from the beginning
ALL THE WAY BACK TO 1826...
The Masons Yard 24, formerly known as The Masons Arms, is situated on Stramongate in Kendal, about a hundred yards from the bottom of Branthwaite Brow.
The building is unusual for several features, one being that it has no front door, and is entered down yard 24.
Masons Yard 24, in addition to part of yard 26 next door was once part of Ralphord Hall, a private residence. Records from 1882, indicate that the yard up the side of the inn, led directly into the grounds of the Unitarian Chapel at the top of Branthwaite Brow. This right of way was eventually blocked off in 1900.
Thomas Gibson, owner of Ralphford Hall, who died in 1781, gave the building over to the Ralphford Hall trustees upon his death, for the use of the Protestant Minister, for a small rent payable to the Blue Coat Hospital in the town. The owners of the Masons Arms, the Unitarian Chapel Trustees and the Ralphford Hall Executors would appear to have been one and the same.
The building as we see it today, is the result of changes made by architect James Hutton in 1908.
The name of the inn is an abbreviation of the Freemasons Arms. The original sign, as seen on some old black and white photos of the street, showed two freemasons working. This was removed and replaced in the 1970’s with a crest, shield and motto as the Freemasons of Gateshead and Tyne used from 1671. This sign can be seen hanging in the yard today.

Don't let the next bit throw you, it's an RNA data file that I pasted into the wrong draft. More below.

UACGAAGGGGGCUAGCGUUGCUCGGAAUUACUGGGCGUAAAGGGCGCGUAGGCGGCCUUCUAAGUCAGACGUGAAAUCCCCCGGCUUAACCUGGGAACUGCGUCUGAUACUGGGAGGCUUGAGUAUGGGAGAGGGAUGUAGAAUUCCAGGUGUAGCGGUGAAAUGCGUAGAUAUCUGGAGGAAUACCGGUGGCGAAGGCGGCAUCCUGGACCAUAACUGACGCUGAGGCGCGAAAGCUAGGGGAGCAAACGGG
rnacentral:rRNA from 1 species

Records name the first licensee of the inn as Thomas Derome, in 1826. In around 1892, records show that the inn had stabling for ten horses, two drinking rooms, two bedrooms and one dining room able to seat up to 50 people.
The Masons Arms under the ownership of brewers Whitbread, the inn underwent refurbishment and operated as a thriving town centre pub until its closure in 2010.
The property stood empty for several years before being purchased by a small independent partnership who saw the potential and history in the building. The sensitive redevelopment has seen the original round window reinstated in the building’s façade as well as years of plasterboard additions removed to highlight the buildings original features also leading to the discovery of a spring well which will be used to brew special beer on-site.